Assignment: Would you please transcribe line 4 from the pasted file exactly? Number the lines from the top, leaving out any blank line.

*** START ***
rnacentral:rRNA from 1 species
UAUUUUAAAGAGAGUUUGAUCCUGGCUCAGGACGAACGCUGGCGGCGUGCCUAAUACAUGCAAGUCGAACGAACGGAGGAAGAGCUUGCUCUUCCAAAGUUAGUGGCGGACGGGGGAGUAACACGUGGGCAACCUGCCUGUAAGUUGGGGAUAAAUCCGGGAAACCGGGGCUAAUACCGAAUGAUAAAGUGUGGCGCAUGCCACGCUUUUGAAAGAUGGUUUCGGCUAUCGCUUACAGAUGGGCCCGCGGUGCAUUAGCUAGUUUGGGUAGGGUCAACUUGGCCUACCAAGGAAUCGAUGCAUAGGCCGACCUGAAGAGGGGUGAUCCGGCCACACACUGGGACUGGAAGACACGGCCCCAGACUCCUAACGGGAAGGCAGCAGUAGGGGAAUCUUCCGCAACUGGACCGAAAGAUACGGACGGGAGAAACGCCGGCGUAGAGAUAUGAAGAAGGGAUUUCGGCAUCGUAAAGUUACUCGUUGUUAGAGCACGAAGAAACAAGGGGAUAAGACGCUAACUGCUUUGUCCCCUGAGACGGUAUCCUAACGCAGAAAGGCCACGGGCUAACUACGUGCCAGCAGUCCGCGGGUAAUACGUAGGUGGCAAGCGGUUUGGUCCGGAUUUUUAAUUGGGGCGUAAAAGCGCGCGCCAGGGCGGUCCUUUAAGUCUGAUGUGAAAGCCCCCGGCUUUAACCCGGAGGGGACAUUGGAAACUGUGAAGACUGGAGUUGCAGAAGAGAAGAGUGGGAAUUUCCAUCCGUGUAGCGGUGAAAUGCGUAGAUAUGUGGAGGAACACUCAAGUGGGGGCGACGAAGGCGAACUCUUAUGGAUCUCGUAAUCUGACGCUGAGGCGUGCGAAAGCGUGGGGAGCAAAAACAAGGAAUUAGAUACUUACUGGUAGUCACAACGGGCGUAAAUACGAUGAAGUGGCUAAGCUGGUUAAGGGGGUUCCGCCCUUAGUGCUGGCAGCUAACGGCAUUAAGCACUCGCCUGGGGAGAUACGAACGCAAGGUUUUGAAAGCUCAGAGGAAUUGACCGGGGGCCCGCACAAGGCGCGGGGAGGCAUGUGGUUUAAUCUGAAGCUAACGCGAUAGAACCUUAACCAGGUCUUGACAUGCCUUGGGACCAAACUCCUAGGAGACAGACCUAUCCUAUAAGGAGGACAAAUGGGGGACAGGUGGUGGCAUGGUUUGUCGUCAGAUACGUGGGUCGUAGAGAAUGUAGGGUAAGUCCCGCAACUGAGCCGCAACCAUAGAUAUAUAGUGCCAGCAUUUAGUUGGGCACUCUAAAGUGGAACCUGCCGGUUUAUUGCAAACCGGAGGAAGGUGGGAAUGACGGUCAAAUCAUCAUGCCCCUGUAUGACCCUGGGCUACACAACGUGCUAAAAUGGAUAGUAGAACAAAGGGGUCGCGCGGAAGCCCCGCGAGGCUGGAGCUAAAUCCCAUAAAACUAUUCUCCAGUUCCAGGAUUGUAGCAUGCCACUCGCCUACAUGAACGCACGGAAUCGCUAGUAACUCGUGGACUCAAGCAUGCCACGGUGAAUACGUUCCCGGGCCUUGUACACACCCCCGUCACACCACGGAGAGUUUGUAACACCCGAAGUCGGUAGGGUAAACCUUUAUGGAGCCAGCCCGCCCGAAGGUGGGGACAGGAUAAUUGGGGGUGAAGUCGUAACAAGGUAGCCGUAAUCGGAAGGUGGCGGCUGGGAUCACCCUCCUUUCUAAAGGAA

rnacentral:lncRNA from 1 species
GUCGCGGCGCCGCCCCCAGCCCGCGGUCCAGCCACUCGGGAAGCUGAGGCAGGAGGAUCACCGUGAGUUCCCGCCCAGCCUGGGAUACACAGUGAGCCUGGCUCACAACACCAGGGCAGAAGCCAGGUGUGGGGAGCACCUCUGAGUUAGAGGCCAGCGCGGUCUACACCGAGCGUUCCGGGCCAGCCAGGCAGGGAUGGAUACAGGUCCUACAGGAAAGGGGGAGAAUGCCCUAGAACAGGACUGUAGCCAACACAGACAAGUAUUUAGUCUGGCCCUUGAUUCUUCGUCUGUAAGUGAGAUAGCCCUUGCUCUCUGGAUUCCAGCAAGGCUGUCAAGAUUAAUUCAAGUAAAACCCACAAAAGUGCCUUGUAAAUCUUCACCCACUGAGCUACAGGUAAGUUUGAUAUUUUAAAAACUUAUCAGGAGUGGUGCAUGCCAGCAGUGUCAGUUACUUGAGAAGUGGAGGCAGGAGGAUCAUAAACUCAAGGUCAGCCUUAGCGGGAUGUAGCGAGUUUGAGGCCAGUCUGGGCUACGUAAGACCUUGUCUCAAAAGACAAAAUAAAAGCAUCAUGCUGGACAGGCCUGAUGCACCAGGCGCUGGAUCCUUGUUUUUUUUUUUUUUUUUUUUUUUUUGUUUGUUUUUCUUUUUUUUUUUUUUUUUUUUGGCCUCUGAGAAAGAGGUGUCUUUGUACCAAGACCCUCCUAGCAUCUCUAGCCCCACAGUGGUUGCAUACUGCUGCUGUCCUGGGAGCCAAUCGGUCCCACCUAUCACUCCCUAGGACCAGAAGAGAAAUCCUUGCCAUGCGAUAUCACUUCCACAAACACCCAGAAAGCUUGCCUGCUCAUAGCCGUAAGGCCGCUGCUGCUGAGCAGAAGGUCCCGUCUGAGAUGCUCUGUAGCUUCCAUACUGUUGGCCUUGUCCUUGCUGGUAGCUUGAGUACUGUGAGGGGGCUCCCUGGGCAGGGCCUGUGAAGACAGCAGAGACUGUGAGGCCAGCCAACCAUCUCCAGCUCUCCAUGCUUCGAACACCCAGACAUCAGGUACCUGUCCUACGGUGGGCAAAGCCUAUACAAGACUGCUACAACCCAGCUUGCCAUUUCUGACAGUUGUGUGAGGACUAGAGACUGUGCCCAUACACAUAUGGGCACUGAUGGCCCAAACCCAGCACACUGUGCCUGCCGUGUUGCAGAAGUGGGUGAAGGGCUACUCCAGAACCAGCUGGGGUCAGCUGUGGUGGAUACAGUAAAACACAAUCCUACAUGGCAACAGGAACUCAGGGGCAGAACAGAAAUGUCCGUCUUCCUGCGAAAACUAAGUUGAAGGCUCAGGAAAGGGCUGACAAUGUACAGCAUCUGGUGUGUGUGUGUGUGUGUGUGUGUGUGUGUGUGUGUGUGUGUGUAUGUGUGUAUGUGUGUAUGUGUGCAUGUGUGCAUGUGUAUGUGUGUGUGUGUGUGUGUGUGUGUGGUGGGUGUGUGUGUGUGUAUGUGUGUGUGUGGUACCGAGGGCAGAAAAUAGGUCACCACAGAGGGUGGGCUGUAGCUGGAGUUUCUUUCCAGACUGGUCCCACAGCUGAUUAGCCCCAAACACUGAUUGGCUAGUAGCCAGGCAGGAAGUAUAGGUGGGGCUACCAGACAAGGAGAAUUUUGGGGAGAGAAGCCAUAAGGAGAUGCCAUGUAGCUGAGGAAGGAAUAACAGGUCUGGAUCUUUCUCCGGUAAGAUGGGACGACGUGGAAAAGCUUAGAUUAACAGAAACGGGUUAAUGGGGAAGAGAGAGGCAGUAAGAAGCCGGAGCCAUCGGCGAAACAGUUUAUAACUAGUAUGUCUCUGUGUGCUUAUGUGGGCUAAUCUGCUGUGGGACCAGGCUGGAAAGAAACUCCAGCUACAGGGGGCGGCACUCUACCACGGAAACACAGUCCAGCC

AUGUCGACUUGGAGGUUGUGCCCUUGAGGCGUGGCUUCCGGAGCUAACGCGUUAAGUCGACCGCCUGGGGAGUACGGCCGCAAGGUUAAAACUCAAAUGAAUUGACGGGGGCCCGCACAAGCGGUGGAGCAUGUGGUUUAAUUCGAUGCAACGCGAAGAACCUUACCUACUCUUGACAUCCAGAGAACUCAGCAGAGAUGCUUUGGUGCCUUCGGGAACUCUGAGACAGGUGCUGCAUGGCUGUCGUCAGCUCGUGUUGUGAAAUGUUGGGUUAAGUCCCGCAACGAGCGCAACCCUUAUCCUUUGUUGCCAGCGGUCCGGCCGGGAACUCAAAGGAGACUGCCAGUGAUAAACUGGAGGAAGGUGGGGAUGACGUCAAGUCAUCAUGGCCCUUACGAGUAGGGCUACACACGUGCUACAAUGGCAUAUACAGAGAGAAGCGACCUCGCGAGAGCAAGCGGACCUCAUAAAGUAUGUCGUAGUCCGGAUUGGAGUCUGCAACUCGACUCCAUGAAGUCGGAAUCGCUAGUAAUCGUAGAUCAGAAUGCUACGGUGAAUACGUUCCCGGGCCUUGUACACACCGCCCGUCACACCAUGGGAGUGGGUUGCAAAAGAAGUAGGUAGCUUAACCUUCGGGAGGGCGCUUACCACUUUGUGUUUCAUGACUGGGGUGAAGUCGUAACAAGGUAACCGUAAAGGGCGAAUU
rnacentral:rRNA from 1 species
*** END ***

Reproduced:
GUCGCGGCGCCGCCCCCAGCCCGCGGUCCAGCCACUCGGGAAGCUGAGGCAGGAGGAUCACCGUGAGUUCCCGCCCAGCCUGGGAUACACAGUGAGCCUGGCUCACAACACCAGGGCAGAAGCCAGGUGUGGGGAGCACCUCUGAGUUAGAGGCCAGCGCGGUCUACACCGAGCGUUCCGGGCCAGCCAGGCAGGGAUGGAUACAGGUCCUACAGGAAAGGGGGAGAAUGCCCUAGAACAGGACUGUAGCCAACACAGACAAGUAUUUAGUCUGGCCCUUGAUUCUUCGUCUGUAAGUGAGAUAGCCCUUGCUCUCUGGAUUCCAGCAAGGCUGUCAAGAUUAAUUCAAGUAAAACCCACAAAAGUGCCUUGUAAAUCUUCACCCACUGAGCUACAGGUAAGUUUGAUAUUUUAAAAACUUAUCAGGAGUGGUGCAUGCCAGCAGUGUCAGUUACUUGAGAAGUGGAGGCAGGAGGAUCAUAAACUCAAGGUCAGCCUUAGCGGGAUGUAGCGAGUUUGAGGCCAGUCUGGGCUACGUAAGACCUUGUCUCAAAAGACAAAAUAAAAGCAUCAUGCUGGACAGGCCUGAUGCACCAGGCGCUGGAUCCUUGUUUUUUUUUUUUUUUUUUUUUUUUUGUUUGUUUUUCUUUUUUUUUUUUUUUUUUUUGGCCUCUGAGAAAGAGGUGUCUUUGUACCAAGACCCUCCUAGCAUCUCUAGCCCCACAGUGGUUGCAUACUGCUGCUGUCCUGGGAGCCAAUCGGUCCCACCUAUCACUCCCUAGGACCAGAAGAGAAAUCCUUGCCAUGCGAUAUCACUUCCACAAACACCCAGAAAGCUUGCCUGCUCAUAGCCGUAAGGCCGCUGCUGCUGAGCAGAAGGUCCCGUCUGAGAUGCUCUGUAGCUUCCAUACUGUUGGCCUUGUCCUUGCUGGUAGCUUGAGUACUGUGAGGGGGCUCCCUGGGCAGGGCCUGUGAAGACAGCAGAGACUGUGAGGCCAGCCAACCAUCUCCAGCUCUCCAUGCUUCGAACACCCAGACAUCAGGUACCUGUCCUACGGUGGGCAAAGCCUAUACAAGACUGCUACAACCCAGCUUGCCAUUUCUGACAGUUGUGUGAGGACUAGAGACUGUGCCCAUACACAUAUGGGCACUGAUGGCCCAAACCCAGCACACUGUGCCUGCCGUGUUGCAGAAGUGGGUGAAGGGCUACUCCAGAACCAGCUGGGGUCAGCUGUGGUGGAUACAGUAAAACACAAUCCUACAUGGCAACAGGAACUCAGGGGCAGAACAGAAAUGUCCGUCUUCCUGCGAAAACUAAGUUGAAGGCUCAGGAAAGGGCUGACAAUGUACAGCAUCUGGUGUGUGUGUGUGUGUGUGUGUGUGUGUGUGUGUGUGUGUGUGUAUGUGUGUAUGUGUGUAUGUGUGCAUGUGUGCAUGUGUAUGUGUGUGUGUGUGUGUGUGUGUGUGGUGGGUGUGUGUGUGUGUAUGUGUGUGUGUGGUACCGAGGGCAGAAAAUAGGUCACCACAGAGGGUGGGCUGUAGCUGGAGUUUCUUUCCAGACUGGUCCCACAGCUGAUUAGCCCCAAACACUGAUUGGCUAGUAGCCAGGCAGGAAGUAUAGGUGGGGCUACCAGACAAGGAGAAUUUUGGGGAGAGAAGCCAUAAGGAGAUGCCAUGUAGCUGAGGAAGGAAUAACAGGUCUGGAUCUUUCUCCGGUAAGAUGGGACGACGUGGAAAAGCUUAGAUUAACAGAAACGGGUUAAUGGGGAAGAGAGAGGCAGUAAGAAGCCGGAGCCAUCGGCGAAACAGUUUAUAACUAGUAUGUCUCUGUGUGCUUAUGUGGGCUAAUCUGCUGUGGGACCAGGCUGGAAAGAAACUCCAGCUACAGGGGGCGGCACUCUACCACGGAAACACAGUCCAGCC